“Local authorities are the unsung heroes of the coronavirus crisis”
Barclays has administered around £3bn in government grants to small businesses hit by the coronavirus crisis. We talk to Fraser Mackay, Head of Local Authorities at Barclays Corporate Banking, about how the money is being used – and why this help is giving SMEs the “breathing space” they need.
“The support will have given small businesses some breathing space – it will have provided some much-needed cash at a time when income has all but dried up.”
For many businesses up and down the country, the grants made available by government to businesses impacted by coronavirus are crucial to their survival and recovery, says Fraser Mackay, Head of Local Authorities at Barclays Corporate Banking.
In England, small and medium sized businesses (SMEs) can apply for a one-off grant of up to £10,000, while businesses in the retail, hospitality and leisure sectors can apply for a grant of either £10,000 or £25,000, dependent on their rateable value.
So far, Barclays has facilitated such awards to up to 240,000 SMEs hit by coronavirus in England – amounting to around £3bn in total.
“Businesses will have the cash available to them so that as we come out of lockdown, they’ll be able to buy supplies in order to get up and running. These grants will go a long way to help small businesses who need to make adjustments – such as around social distancing requirements – to how their business operates,” he says.
Getting coronavirus grants to businesses in need
As head of the department that has administered a quarter of the one million grants currently available, Mackay says this money will be key to revitalising the economy post-coronavirus – particularly in the retail, hospitality and leisure sectors and harder-hit areas in the UK.
More than £1bn has been distributed in the North of England and £500m in the Midlands, while just under £800m has been paid out in London, where around a third of all UK businesses are based.
But, says Mackay, while about 80% of small businesses around the country have applied for a grant, there is concern that there are SMEs who still aren’t aware of the scheme.
“In our experience, about 20% of clients don’t want to apply for grants, while others might not even be aware they are eligible,” he says. “I would encourage any small business across the country to apply to their local authority.”
These grants will go a long way to help small businesses who need to make adjustments – such as around social distancing requirements – to how their business operates
Head of Local Authorities, Barclays Corporate Banking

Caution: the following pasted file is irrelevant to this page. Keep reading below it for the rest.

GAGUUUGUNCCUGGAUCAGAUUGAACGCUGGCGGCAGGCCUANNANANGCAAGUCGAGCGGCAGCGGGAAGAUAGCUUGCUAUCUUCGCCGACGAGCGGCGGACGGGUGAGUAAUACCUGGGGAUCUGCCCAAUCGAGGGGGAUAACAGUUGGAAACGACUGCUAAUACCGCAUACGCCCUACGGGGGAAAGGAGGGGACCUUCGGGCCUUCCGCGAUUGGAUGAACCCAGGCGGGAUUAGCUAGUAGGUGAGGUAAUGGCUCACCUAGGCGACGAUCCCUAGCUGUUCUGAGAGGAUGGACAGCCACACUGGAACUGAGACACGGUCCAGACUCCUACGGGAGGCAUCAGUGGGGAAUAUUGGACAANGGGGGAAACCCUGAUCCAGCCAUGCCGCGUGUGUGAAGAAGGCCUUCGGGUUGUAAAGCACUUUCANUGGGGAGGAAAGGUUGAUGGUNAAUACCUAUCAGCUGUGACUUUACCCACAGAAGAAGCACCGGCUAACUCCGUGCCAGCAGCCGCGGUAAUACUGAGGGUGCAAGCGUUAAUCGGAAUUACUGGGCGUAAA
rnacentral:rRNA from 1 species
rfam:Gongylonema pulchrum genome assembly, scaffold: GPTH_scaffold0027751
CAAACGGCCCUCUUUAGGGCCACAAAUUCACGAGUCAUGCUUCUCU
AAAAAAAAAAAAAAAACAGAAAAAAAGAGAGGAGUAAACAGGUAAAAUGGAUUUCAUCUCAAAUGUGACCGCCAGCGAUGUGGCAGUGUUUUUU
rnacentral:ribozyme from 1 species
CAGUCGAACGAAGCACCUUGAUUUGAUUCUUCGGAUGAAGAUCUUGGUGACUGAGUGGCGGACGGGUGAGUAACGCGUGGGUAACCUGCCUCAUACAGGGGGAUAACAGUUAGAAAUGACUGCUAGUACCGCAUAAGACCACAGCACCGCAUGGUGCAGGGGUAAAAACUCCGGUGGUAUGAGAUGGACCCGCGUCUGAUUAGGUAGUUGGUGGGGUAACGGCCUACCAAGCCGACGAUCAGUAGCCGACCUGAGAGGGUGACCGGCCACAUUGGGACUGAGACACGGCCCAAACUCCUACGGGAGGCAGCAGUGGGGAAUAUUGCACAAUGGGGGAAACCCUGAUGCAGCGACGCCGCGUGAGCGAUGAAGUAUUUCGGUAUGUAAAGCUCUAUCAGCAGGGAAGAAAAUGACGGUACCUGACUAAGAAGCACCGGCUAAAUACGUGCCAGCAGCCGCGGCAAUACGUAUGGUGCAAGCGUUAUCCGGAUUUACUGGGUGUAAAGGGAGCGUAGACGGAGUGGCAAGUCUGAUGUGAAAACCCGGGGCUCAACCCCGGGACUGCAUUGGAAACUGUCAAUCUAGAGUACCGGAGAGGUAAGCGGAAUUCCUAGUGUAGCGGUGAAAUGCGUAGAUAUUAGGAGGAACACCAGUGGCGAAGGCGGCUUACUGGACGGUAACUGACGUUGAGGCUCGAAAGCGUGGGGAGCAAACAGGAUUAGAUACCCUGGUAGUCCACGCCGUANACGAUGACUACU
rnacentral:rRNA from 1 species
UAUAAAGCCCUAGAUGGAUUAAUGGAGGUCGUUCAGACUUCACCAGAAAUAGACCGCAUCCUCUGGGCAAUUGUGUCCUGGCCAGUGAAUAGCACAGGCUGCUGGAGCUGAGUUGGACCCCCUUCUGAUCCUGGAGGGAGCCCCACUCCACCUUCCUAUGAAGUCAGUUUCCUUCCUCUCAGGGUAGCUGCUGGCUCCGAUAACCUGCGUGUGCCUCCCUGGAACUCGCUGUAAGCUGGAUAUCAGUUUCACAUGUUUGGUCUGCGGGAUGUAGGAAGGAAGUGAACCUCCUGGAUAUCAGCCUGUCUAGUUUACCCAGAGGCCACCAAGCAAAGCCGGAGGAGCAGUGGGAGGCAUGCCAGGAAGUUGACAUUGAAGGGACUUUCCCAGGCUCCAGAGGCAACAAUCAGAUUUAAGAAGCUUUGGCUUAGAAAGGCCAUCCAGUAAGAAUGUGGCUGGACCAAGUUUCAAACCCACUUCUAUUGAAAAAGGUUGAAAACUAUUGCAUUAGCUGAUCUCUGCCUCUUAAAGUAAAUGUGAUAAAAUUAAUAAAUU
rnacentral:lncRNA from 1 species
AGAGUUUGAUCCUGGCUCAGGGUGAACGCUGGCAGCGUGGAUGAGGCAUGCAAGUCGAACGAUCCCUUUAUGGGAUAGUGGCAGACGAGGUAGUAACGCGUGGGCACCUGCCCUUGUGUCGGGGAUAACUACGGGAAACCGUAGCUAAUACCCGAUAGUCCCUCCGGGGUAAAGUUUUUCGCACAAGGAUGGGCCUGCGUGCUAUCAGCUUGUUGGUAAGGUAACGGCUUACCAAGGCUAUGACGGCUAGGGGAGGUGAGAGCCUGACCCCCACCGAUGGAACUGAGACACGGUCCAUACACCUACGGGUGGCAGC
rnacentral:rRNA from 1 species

Barclays’ Local Authorities team is made up of 34 Relationship Directors and Relationship Support Managers, and has, for over 10 years, developed close working relationships with councils nationwide.
Mackay says the team adopted an ‘all-hands-on-deck’ attitude to ensure money was made available as quickly as possible, and is proud that an ‘internal taskforce’ was quickly mobilised “to make sure that when they come to making those payments to needy businesses, they’re made on time and without any issues”.
He adds: “Whether it was the digital team, legal team or operations, everyone was willing to step up to the plate. Without that sort of collaboration there was no way we would have been able to get those payments out on time and with the level of quality that we did.”
Local authorities are the ‘unsung heroes’ of the pandemic
Mackay says dealing with the pandemic has been a particular challenge for local authorities, “not least because they have seen significant cuts in their workforce over the last 10 years”.
“The local authorities are, in my mind, the real unsung heroes of the coronavirus crisis,” he adds.
He predicts that a continued move away from cash and cheques and towards digitised payments – a development that Barclays had already been supporting – will be one of the lasting changes in the way local authorities operate after the coronavirus crisis.
“I also think the way local services have been working with others, such as the NHS, is indicative of the ways we might see national organisations working together more collaboratively,” he says.
Asked for his message to those working in local government at this challenging time, he simply says: “Carry on as you are – the work that is being delivered and the people that are being supported by the fantastic work that you are doing is making a difference.”